Asia Today: SKorea orders doctors to stop strike amid crisis

SEOUL, South Korea (AP) — Health officials in South Korea ordered thousands of striking doctors to return to work as the country counted its 13th straight day of triple-digit jumps in coronavirus cases.

Health Minister Park Neung-hoo said those who refuse could have their licenses suspended or revoked, or even face a prison term of less than three years.

Doctors in the greater Seoul area joined physicians in other parts of the country in a three-day strike starting Wednesday against government plans to boost the number of medical students.

The walkouts have forced major hospitals in Seoul to reduce working hours or delay some surgeries, according to Yonhap news agency.

“The government will sternly respond to any collective action that hold people’s lives and safety hostage amid the COVID-19 crisis,” Park said.

The Health Ministry said more than 2,000 medical facilities nationwide had reported their intention to close Wednesday after doctors’ groups, including the Korean Medical Association and the Korean Intern Resident Association, expressed dissatisfaction over negotiations with government officials.

The government wants to increase the number of medical students by 4,000 over the next decade, saying it's critical for dealing with crises like COVID-19 and reducing health-care gaps between the highly developed Seoul area and the rest of the country.

Doctors’ groups say the country already has enough physicians competing in a cut-throat market. They say the government should instead use its financial resources to improve the compensation of trainees and encourage them to move to areas outside Seoul where health professionals are more needed.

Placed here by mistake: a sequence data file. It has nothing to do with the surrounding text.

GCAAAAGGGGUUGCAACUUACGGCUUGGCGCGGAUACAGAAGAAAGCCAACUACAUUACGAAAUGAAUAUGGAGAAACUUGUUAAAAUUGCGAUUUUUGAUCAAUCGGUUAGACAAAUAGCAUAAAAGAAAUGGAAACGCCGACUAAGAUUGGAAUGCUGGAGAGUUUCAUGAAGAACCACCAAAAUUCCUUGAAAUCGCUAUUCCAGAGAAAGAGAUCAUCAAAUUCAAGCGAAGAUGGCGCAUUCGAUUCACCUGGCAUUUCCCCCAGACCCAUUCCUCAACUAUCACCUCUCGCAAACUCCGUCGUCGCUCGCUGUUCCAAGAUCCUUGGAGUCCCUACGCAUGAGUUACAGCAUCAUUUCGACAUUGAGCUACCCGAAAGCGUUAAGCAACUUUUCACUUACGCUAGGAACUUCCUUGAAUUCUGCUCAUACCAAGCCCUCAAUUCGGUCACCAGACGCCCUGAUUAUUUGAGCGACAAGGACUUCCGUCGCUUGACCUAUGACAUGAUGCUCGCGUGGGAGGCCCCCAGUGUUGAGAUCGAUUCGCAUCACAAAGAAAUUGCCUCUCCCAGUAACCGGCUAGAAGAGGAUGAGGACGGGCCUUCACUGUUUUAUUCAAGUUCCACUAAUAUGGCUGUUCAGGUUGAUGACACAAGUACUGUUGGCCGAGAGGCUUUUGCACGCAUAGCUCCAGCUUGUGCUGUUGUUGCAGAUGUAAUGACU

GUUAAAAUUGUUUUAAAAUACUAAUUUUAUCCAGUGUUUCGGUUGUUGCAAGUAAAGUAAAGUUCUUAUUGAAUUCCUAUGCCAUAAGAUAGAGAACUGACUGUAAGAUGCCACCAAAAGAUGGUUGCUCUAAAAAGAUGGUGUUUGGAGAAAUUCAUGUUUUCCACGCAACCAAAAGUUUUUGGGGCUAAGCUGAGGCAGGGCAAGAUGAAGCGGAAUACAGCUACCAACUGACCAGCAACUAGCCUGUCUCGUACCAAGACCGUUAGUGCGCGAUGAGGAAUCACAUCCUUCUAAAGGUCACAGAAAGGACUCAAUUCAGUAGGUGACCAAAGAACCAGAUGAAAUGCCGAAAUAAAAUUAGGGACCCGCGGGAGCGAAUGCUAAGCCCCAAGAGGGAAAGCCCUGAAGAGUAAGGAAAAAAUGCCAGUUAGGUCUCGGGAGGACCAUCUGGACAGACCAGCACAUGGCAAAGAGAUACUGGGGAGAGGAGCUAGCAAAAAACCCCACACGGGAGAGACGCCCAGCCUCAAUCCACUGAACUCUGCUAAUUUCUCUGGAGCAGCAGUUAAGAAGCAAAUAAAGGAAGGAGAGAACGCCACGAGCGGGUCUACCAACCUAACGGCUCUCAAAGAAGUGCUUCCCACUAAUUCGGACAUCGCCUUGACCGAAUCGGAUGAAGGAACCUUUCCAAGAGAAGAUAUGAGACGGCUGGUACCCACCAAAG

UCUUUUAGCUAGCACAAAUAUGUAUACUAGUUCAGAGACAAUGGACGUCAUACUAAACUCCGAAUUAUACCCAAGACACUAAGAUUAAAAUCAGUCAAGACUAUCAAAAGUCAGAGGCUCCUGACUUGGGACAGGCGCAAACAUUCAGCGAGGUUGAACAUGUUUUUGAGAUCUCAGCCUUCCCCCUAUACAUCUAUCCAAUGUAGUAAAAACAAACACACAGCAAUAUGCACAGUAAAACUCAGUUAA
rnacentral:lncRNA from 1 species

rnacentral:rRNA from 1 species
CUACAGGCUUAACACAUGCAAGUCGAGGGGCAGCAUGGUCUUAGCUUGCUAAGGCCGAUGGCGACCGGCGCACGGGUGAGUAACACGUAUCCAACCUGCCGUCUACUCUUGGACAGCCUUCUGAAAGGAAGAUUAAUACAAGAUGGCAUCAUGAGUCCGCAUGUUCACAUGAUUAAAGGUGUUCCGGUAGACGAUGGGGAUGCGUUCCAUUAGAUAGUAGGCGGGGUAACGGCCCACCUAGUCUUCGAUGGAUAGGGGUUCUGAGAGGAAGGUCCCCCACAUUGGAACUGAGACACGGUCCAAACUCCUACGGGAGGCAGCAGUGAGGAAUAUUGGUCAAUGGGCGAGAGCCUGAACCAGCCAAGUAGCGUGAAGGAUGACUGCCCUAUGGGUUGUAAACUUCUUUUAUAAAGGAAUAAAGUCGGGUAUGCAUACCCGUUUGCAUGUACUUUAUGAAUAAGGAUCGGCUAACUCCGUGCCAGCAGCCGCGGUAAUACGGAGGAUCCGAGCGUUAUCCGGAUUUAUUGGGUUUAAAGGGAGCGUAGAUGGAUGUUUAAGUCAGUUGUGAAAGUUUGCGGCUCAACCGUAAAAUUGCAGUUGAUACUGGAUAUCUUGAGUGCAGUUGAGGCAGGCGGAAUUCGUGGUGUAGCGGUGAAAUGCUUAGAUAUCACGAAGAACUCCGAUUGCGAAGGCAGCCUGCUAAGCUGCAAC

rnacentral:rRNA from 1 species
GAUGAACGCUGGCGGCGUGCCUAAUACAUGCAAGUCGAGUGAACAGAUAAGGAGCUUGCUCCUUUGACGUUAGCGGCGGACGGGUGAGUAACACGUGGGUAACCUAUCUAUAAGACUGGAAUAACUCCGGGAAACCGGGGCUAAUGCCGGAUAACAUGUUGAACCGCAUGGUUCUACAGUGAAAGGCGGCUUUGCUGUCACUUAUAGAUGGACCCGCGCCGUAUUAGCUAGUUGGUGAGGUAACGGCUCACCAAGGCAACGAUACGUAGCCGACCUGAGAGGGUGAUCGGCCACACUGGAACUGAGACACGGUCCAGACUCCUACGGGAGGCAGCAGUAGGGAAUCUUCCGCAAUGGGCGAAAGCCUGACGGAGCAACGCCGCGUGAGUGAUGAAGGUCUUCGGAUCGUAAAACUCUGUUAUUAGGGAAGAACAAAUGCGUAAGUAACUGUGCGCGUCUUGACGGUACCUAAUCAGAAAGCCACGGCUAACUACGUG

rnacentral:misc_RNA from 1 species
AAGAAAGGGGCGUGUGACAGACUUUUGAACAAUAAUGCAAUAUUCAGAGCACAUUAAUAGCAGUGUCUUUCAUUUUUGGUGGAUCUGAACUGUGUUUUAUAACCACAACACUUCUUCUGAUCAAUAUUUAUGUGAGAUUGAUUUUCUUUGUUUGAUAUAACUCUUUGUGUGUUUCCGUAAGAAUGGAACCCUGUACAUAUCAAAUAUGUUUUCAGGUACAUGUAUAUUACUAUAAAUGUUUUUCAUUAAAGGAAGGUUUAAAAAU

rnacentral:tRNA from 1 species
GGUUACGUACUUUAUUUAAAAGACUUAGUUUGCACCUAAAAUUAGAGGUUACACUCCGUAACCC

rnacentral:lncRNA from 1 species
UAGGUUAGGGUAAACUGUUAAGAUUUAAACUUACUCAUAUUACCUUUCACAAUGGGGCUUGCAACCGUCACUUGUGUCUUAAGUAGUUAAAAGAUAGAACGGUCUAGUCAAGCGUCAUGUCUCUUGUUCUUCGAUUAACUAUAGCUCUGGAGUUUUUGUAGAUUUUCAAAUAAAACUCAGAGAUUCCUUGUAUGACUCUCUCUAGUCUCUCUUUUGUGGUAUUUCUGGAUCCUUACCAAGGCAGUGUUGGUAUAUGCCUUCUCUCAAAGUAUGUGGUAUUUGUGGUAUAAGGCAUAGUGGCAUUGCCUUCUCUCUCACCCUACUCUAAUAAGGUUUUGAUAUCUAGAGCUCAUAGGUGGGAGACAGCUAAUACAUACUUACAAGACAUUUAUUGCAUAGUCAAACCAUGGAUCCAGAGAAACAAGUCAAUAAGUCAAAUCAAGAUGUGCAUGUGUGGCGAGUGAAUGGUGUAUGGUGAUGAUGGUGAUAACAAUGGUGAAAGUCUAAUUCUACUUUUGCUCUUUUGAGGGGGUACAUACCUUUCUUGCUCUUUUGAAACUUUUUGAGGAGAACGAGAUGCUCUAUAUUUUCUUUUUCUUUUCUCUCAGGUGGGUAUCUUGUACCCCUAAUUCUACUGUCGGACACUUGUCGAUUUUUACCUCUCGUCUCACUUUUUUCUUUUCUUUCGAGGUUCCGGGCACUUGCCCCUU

South Korea’s Centers for Diseases Control and Prevention reported 320 new cases of COVID-19, including 237 from the Seoul region, which has been the center of a viral resurgence in recent weeks. Health workers have struggled to stem transmissions linked to churches, schools, restaurants and door-to-door salespeople.

In other developments in the Asia-Pacific region:

— China has suspended a flight from Abu Dhabi to Shanghai for a week after five passengers on board tested positive for the coronavirus. Etihad flight EY862 was put on hold from Tuesday, the Civil Aviation Administration of China said. For the 10th consecutive day, China has reported only imported cases, with another 15 added on Wednesday. China currently has 347 people in treatment for COVID-19, while another 365 people are being monitored in isolation for having tested positive for the virus without showing symptoms. The country has reported 4,634 deaths among 84,996 cases of COVID-19 since the virus was first detected in the central Chinese city of Wuhan late last year.

— Australia’s hard-hit Victoria state on Wednesday recorded one of its deadliest days of the pandemic despite new COVID-19 infections continuing to trend down. The 24 fatalities in the latest 24-hour period is the largest death toll since Aug. 17. Victoria’s Health Department reported 149 new cases on Wednesday following 148 infections on Tuesday. Wednesday’s count brought the weekly average to 175 new cases a day, down from 279 in the previous week.


Follow AP’s pandemic coverage at and

Bg pattern light


Subscribe to Samoa Observer Online

Enjoy access to over a thousand articles per month, on any device as well as feature-length investigative articles.

Ready to signup?